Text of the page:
DECATUR, Ill.--(BUSINESS WIRE)-- Archer Daniels Midland Company (NYSE: ADM) announced today the promotion of Juan R. Luciano to president, effective immediately. He is the 12th person to serve as president in the company’s 112-year history and assumes this role in addition to his position as chief operating officer.Luciano oversees the commercial and production activities of ADM’s corn, oilseeds, and agricultural services businesses, as well as its research, project-management and risk-management functions. He will continue to report to ADM Chairman and CEO Patricia A. Woertz.“Today’s appointment recognizes the excellent results Juan has achieved over the last three years as...
NEW ORLEANS (AP) — The Coast Guard reopened a normally bustling stretch of the lower Mississippi River to ships and boaters Monday, two days after an oil spill closed the major inland waterway between Baton Rouge and New Orleans.
About 31,500 gallons of light crude oil spilled into the river after a tank barge pushed by the towboat Hannah C. Settoon collided with another towboat Saturday afternoon, officials said.
At least 30 vessels had been waiting for the river to reopen, Coast Guard Petty Officer Matthew Schofield said of the spill near Vacherie, about 50 west of New Orleans by land.
No one was hurt, all vessels were subsequently secured and there were no reports of any wildlife...
Feb. 22--Wisconsin farmers aren't finding much humor in a new television comedy that has exploding cows and an underlying serious message critical of large-scale agriculture.
Produced by the restaurant chain Chipotle Mexican Grill, the comedy series "Farmed and Dangerous" satirizes the lengths to which corporate agribusiness and its image-makers go to create a positive image of industrial agriculture, Chipotle says.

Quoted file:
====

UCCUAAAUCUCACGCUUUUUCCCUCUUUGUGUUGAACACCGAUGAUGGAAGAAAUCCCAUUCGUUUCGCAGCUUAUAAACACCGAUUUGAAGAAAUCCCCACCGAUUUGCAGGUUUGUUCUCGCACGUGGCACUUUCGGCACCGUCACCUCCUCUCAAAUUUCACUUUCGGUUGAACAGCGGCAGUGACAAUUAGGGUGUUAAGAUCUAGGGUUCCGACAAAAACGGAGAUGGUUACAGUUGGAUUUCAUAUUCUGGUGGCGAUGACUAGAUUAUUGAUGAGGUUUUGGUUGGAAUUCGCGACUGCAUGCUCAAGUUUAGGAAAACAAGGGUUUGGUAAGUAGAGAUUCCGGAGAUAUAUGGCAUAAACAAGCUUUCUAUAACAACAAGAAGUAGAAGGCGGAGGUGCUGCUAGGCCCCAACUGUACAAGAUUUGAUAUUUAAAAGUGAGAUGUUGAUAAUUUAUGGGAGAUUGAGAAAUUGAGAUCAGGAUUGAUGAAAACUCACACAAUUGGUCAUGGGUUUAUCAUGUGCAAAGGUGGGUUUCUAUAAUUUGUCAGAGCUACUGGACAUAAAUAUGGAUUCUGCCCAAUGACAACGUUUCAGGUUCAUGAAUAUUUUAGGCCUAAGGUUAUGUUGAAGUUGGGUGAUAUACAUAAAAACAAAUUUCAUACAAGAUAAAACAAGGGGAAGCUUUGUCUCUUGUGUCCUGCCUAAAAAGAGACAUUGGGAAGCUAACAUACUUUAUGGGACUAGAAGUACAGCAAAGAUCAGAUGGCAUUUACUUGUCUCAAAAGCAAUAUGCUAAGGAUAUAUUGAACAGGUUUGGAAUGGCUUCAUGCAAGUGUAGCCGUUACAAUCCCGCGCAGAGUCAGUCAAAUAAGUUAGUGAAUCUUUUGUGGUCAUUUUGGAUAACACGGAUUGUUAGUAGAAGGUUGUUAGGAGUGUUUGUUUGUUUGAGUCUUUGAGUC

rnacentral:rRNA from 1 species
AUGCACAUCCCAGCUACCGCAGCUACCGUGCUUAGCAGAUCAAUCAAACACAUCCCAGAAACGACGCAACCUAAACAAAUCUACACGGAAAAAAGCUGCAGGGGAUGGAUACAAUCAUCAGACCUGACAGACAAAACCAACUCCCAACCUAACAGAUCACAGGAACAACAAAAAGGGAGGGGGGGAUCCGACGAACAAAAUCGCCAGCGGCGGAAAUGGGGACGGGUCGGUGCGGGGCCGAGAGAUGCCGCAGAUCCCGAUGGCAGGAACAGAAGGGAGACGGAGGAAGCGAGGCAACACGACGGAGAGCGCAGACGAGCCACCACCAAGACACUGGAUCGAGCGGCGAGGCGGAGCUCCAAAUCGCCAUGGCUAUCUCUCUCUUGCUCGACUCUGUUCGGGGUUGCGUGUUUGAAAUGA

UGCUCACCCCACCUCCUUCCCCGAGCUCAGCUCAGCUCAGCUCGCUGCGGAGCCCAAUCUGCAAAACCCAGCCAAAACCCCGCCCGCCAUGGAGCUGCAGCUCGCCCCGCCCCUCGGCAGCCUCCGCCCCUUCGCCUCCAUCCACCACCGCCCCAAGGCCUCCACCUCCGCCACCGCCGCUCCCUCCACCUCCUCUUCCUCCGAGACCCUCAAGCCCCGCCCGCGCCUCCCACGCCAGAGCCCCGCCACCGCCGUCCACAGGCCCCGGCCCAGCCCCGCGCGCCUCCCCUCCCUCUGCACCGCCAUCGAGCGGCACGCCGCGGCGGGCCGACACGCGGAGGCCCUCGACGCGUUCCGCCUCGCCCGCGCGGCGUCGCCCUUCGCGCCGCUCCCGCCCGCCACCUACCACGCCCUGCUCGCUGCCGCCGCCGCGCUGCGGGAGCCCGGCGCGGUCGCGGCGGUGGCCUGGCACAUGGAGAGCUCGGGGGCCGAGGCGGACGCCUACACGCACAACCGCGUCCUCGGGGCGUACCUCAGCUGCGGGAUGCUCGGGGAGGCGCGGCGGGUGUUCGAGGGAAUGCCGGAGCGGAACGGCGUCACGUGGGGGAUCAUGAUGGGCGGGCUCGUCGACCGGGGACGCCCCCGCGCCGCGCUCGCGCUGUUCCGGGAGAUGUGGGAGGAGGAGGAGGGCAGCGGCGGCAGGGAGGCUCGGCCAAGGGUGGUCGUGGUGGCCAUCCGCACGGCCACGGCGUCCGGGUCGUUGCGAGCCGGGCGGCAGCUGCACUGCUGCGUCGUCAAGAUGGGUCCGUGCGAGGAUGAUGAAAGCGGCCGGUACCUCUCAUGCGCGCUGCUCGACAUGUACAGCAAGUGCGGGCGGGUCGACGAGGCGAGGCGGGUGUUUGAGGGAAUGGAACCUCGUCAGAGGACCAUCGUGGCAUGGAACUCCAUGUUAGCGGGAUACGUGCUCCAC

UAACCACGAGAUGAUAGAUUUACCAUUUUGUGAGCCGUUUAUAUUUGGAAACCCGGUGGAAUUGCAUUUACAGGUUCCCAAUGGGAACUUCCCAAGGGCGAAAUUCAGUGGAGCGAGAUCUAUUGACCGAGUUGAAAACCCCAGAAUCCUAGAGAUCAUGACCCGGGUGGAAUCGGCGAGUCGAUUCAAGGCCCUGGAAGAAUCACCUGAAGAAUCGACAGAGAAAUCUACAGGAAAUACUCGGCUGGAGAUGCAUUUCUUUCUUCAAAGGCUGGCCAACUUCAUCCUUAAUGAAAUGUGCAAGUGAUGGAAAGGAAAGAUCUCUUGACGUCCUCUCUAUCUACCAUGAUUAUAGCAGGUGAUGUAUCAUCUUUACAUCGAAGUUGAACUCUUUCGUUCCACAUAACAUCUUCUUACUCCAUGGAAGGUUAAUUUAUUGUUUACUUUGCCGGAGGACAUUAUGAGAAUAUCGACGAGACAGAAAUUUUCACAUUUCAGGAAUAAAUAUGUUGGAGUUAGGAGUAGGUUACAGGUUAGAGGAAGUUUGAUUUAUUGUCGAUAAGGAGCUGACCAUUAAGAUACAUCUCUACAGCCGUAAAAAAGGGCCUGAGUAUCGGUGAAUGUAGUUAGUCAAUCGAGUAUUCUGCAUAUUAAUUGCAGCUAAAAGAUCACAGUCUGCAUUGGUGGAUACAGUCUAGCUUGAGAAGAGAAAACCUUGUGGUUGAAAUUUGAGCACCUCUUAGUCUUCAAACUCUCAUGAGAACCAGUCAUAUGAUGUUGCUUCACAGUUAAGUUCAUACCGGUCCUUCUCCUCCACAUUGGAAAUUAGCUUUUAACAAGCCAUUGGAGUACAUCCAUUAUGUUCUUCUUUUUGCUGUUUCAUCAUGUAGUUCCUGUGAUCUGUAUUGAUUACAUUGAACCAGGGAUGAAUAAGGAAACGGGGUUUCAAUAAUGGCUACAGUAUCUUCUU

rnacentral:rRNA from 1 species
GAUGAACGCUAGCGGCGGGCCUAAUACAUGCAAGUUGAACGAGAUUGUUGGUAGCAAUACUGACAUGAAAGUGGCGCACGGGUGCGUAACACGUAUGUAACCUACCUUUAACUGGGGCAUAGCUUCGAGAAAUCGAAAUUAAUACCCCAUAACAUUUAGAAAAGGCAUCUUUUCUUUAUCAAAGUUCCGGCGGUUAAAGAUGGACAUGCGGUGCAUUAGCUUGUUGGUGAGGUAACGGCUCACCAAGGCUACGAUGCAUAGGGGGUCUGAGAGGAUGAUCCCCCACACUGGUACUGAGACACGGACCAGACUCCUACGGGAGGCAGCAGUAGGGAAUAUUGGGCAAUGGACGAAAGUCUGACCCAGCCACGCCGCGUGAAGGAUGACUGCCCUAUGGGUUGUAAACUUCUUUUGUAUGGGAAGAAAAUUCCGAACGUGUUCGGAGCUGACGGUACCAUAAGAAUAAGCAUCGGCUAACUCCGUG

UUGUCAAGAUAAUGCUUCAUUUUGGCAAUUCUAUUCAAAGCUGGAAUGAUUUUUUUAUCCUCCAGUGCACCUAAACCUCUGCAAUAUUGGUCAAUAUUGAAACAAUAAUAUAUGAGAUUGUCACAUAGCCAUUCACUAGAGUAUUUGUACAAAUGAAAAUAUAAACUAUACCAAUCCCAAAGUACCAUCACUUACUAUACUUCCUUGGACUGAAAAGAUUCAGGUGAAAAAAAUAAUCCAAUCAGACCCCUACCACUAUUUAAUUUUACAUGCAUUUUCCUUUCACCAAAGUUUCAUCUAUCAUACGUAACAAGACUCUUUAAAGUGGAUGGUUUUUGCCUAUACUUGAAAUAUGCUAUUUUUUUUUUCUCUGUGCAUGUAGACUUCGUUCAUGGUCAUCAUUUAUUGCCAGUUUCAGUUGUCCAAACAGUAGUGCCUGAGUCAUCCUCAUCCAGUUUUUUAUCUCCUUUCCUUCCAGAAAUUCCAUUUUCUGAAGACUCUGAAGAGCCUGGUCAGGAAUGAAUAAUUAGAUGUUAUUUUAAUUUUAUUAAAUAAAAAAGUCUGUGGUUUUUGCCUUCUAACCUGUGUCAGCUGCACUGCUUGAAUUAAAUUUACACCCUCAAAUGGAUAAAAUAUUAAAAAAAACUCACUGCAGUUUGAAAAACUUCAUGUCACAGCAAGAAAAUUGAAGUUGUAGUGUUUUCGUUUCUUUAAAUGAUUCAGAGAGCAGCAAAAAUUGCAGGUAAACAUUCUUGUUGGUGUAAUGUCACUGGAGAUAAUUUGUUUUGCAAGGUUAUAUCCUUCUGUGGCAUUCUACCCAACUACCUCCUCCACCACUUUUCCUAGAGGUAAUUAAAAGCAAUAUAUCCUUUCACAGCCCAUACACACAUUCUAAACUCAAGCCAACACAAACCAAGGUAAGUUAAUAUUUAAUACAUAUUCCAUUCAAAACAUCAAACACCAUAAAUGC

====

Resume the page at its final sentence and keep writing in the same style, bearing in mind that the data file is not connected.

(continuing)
The first episode of the show, which began this past week on Hulu and Hulu Plus, focused on farmers planning to feed cows petroleum pellets -- a move meant to boost profits by lowering costs but which backfires when a cow explodes.
The public-private effort aims to enhance sustainable crop production through field and crop modeling that targets the specific soil, climatic, water-shed and production conditions within producers' fields with real-time information. The three-year exclusive agreement among DuPont Pioneer - the global seed and advanced plant genetics business of DuPont - the University of Missouri and USDA-ARS will bring together the respective strengths of each party in precision agriculture sensors and soil mapping, including the characterization of soil types, topography and water-sheds. Through a unique computerized process offered by DuPont that uses the latest high resolution technology, the...
Nevertheless, Thursday will mark a year since United Grain Corp. at the Port of Vancouver locked out up to 44 union dockworkers after a simmering contract dispute came to a boil.
The fallout was extensive. Some of the impacts have ended or are quieter. Others, including legal proceedings, continue to ripple.
In October, the standoff appeared to ease when the International Longshore and Warehouse Union and the Pacific Northwest Grain Handlers Association publicly said they'd renewed negotiations over a labor contract and that the talks had been productive.
As the one-year anniversary of the lockout nears, neither party will comment in detail about...